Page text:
Edit this line to describe your project # ExampleTests Project Edit this line to list your C++ files (not header files) SRCS = ExampleTests.cpp Edit this line to list your header files -- there were none in the example HDRS = Edit this line to name your application PROJ = example # Remaining lines shouldn't need changing # Here's what they do: # - rebuild if any header file changes # - include CppUnit as dynamic library # - search /opt/local for MacPorts # - generate .exe files for Windows # - add -enable-auto-import flag for Cygwin only First, define variables for the make rules. Many of these are common names. CC = g++ Use g++ to compile OBJS = $(SRCS:.cpp=.o) Make a list of .o files from the list of .cpp files APP = $(PROJ).exe Make the name of the executable CFLAGS = -c -g -Wall Compiler flags ifeq (,$(findstring CYGWIN,$(shell uname))) Test for Cygwin LDFLAGS = -L/opt/local/lib Linker flags else LDFLAGS = -L/opt/local/lib -enable-auto-import Cygwin needs this flag endif LIBS = -lcppunit -ldl Libraries to link into the application all: $(APP) "make all" is the default target $(APP): $(OBJS) make the executable if any object file needed updating $(CC) $(LDFLAGS) $(OBJS) -o $(APP) $(LIBS) Assemble the executable. %.o: %.cpp $(HDRS) make file.o if file.cpp or any header changed $(CC) $(CFLAGS) $< -o $@ compiles file.cpp to file.o clean: the rule for "make clean" rm -f *.o $(APP) remove object files and the executable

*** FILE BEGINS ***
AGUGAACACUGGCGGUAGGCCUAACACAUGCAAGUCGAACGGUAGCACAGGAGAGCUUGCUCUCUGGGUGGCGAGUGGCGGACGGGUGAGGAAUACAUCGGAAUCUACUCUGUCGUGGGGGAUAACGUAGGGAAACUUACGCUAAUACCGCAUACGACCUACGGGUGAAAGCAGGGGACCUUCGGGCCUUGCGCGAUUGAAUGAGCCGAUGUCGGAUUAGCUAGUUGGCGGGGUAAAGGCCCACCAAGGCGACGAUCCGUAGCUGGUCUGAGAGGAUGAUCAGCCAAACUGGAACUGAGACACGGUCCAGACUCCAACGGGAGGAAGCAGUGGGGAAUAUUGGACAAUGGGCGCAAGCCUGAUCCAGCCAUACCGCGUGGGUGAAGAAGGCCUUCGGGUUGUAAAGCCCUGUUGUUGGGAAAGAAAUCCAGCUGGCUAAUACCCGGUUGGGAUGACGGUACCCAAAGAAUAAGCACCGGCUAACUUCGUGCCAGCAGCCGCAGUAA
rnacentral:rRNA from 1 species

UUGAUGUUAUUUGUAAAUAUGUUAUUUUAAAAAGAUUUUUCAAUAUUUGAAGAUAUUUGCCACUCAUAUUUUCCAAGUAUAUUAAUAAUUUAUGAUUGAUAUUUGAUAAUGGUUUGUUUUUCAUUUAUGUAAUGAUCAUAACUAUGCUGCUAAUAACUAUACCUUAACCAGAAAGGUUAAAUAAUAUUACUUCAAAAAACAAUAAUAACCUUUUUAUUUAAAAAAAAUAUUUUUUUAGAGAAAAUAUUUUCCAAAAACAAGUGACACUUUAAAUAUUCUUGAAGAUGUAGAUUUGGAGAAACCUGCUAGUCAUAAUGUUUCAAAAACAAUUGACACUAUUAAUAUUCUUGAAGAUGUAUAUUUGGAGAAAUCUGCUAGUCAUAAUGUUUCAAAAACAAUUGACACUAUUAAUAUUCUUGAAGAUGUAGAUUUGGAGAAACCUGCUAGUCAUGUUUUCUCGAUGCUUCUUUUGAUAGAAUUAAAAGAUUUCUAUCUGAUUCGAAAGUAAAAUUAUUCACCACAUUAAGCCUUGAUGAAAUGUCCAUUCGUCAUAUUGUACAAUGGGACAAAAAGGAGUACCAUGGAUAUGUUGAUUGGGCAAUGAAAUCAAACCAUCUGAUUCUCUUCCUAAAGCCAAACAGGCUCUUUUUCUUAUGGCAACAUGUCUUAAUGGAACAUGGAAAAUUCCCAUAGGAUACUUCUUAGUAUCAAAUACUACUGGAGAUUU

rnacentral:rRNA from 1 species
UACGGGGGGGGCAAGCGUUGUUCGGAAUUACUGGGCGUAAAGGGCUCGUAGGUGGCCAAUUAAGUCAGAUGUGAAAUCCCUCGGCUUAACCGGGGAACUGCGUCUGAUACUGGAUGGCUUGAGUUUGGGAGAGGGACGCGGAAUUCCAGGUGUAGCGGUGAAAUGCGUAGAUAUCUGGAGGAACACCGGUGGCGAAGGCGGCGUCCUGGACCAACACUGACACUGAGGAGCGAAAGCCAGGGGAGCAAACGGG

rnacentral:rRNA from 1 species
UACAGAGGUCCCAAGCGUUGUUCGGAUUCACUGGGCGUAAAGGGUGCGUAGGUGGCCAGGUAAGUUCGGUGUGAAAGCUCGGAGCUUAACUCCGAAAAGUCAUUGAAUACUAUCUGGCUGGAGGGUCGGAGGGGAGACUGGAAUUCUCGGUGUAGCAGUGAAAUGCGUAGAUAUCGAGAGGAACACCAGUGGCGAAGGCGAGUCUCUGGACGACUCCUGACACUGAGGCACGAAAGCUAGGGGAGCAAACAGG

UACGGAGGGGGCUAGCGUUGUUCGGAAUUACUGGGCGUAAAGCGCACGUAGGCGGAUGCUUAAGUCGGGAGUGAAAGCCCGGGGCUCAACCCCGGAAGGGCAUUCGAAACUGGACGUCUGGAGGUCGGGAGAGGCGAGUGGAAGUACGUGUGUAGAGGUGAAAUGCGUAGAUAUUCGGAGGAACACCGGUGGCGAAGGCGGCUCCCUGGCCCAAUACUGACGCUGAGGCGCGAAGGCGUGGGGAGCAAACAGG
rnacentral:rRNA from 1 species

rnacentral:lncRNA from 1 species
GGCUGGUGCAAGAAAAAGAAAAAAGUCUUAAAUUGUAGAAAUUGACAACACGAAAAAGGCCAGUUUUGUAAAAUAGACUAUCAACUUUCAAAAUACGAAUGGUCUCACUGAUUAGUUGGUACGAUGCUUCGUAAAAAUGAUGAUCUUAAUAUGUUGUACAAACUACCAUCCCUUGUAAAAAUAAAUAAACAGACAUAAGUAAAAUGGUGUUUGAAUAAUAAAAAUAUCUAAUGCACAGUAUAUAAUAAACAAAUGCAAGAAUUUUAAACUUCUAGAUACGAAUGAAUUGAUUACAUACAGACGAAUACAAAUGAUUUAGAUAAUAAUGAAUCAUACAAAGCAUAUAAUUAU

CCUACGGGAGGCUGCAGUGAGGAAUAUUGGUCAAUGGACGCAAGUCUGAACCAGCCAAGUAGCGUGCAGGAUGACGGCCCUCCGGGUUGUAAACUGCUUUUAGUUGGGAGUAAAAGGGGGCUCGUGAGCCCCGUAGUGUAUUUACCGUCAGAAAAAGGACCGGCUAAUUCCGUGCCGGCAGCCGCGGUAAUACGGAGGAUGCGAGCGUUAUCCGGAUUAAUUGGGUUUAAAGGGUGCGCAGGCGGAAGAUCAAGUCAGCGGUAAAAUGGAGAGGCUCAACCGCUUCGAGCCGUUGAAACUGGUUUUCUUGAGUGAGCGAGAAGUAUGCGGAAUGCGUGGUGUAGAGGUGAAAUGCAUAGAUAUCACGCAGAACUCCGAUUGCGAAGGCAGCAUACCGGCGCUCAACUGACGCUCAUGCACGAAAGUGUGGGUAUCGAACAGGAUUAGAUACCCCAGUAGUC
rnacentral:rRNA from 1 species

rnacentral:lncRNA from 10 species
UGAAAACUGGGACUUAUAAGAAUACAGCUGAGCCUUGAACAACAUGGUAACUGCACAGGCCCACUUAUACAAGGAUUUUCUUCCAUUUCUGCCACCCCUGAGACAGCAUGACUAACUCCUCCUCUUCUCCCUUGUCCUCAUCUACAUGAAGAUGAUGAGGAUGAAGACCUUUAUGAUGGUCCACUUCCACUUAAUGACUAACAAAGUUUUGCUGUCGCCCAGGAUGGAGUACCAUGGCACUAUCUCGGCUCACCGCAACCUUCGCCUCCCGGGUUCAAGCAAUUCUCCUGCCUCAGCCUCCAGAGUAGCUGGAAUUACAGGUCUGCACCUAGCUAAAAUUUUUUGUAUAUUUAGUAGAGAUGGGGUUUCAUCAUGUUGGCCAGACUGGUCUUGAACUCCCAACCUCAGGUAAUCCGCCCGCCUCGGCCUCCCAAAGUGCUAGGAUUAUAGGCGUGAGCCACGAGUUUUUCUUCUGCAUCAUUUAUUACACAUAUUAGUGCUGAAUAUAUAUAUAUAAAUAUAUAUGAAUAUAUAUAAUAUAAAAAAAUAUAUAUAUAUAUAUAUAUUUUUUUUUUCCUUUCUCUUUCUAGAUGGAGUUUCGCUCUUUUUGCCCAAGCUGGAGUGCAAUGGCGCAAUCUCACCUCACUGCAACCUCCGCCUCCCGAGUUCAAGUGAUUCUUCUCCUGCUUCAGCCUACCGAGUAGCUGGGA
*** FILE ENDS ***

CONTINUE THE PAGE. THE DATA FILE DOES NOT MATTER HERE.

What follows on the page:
To learn more about how make works and what you can do with it, see the GNU make manual.
When debugging Makefile's, the following two flags can be handy:
maketo only print the actions it would do, but not actually do them
maketo run all the actions that apply, whether or not files have changed
Therefore, an easy way to "dry run" a Makefile is to type:
make -B -n
This will show the commands that the Makefile will do to build a project from scratch.
Make sure that all indented command lines start with a tab character. This is the single most common problem with makefiles. If the indented lines start with spaces, make will mis-interpret them.
In any other file, e.g., source code, avoid tab characters. Turn them off in your editor. There is no standard amount for indenting a line with a tab character. It depends on the setting of the editor. Some emailers erase tab characters. Nicely laid out code with tab characters will most likely be an unreadable mess when looked at by someone else.